Hope and caution in North Korea as Kim Jong Un shifts gears
Tanned and wearing a swimsuit, So Myong Il walks to the barbecue pit and throws on some clams.
He obviously loves the beach he’s on as well as the rugged, emerald Chilbo mountains that rise abruptly behind it. He loves them enough to forget, for a moment at least, that he is a senior official sent to deliver an ideology-soaked pitch singing their praises and instead lets the natural beauty surrounding him speak for itself.
Comrade So sees great things for North Korean attractions like this.
Hotels, big and small. Tourists from all over the country, maybe the world. “As long as we have the leadership of our respected Marshal,” he says, referring to leader Kim Jong Un, “our future will be bright indeed.”
So wouldn’t think of questioning the leader, but there is a hint of apprehension in his voice. And he isn’t alone.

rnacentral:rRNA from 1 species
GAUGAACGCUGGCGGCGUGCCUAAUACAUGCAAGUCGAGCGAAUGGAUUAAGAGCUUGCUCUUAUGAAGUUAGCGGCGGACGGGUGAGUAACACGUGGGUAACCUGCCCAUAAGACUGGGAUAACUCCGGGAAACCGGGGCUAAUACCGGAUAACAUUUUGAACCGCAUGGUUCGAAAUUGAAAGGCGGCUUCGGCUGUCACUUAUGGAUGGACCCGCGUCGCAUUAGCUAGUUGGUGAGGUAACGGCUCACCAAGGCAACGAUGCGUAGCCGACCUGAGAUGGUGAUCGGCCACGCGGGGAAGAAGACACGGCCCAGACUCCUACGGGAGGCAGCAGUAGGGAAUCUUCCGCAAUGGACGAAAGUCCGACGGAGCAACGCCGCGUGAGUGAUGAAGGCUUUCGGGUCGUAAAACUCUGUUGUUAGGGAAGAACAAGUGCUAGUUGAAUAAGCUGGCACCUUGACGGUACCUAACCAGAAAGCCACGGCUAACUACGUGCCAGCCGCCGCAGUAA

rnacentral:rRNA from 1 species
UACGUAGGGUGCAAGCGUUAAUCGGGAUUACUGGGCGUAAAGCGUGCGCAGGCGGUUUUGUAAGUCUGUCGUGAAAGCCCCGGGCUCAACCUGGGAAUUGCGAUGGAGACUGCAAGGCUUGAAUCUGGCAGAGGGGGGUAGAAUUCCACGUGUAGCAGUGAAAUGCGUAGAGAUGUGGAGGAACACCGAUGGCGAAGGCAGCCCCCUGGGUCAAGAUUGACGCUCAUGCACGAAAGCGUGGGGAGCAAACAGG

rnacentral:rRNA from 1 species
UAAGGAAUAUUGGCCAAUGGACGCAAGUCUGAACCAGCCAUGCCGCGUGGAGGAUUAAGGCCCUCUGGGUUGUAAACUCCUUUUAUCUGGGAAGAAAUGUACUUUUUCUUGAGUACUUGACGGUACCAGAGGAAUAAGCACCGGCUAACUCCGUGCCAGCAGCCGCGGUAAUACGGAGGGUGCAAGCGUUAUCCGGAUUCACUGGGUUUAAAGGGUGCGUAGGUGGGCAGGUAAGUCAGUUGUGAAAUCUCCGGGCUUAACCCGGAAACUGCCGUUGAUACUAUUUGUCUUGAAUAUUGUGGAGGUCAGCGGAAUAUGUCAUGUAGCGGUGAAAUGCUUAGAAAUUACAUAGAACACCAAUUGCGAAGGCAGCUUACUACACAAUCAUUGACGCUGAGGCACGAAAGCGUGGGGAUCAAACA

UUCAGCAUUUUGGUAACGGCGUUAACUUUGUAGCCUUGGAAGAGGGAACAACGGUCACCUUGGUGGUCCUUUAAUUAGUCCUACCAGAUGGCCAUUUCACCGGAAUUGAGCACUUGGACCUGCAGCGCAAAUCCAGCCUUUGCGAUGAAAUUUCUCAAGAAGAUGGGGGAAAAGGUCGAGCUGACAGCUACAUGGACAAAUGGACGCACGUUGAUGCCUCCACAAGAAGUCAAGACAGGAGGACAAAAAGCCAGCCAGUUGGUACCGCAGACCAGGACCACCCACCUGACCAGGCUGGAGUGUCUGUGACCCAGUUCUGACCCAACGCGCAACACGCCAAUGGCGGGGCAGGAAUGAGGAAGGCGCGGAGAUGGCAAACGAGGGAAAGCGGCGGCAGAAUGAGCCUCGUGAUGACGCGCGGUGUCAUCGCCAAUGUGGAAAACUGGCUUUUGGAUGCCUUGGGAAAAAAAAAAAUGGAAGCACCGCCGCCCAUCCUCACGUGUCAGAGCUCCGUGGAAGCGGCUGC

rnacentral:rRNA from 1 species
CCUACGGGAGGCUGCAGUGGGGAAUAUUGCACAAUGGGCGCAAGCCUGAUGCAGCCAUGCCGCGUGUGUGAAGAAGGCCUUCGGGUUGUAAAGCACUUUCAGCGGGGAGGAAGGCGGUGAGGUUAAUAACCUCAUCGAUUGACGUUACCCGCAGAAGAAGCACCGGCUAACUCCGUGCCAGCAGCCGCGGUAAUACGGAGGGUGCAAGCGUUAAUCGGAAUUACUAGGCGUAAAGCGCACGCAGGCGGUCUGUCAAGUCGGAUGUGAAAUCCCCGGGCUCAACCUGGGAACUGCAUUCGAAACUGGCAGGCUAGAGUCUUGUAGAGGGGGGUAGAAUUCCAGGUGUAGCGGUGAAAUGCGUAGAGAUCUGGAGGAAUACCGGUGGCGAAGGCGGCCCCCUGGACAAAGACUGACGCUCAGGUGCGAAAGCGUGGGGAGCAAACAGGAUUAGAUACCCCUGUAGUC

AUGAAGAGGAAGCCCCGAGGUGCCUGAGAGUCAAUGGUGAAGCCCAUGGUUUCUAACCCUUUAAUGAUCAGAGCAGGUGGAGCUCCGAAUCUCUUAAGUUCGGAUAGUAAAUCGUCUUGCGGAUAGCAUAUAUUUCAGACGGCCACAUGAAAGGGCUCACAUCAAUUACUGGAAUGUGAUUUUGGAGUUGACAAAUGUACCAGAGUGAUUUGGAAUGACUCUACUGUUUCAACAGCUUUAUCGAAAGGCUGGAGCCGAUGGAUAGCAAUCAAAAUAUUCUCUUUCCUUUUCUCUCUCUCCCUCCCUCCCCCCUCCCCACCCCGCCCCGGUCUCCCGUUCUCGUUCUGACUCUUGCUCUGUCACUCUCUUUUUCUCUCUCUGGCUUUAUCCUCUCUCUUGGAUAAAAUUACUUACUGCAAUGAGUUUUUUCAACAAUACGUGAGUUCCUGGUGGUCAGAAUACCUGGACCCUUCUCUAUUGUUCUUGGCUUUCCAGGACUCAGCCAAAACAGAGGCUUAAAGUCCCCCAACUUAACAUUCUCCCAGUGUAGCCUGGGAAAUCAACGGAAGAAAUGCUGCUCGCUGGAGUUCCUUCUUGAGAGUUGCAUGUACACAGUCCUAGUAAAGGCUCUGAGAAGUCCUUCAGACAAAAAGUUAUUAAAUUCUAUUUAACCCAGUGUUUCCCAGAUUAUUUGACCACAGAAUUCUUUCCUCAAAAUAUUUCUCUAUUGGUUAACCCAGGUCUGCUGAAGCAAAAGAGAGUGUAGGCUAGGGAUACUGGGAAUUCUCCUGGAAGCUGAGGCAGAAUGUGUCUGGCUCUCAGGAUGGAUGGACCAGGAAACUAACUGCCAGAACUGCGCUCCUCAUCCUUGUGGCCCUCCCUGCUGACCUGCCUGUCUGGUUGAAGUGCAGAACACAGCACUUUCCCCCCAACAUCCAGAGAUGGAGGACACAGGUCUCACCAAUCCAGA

North Korea is pushing ahead with a new strategy of economic development and the intensified diplomacy with China, South Korea and the United States that such a move requires. But hopes for a better future are mixed with concern over potential downsides of political or social volatility, and something that’s harder to articulate: a fear of the unknown — even if it appears far more promising than the arduous path the country has been on for decades.
Even before announcing in January that he had sufficiently perfected his nuclear arsenal and could start to focus on other things, Kim has held economic development to be his primary long-term concern.
He has allowed markets and entrepreneurialism to flourish and, since succeeding his father as leader seven years ago, has dramatically transformed the skyline of the capital, Pyongyang, with several high-rise districts. The transformation in the east coast city of Wonsan, where Kim has a summer villa, has been almost as spectacular.
As Kim prepares for the 70th anniversary of North Korea’s founding on Sept. 9, his ambitious development plan is being implemented, from the small-time renovation of town halls to the almost biblical-scale mobilization of “soldier-builders,” who are working around the clock to turn the remote northern city of Samjiyon into yet another showcase of Pyongyang-style socialism.
Economic development — and how U.S. capital and know-how could speed it along — was President Donald Trump’s big carrot when he met with Kim in Singapore three months ago to try to negotiate a denuclearization deal.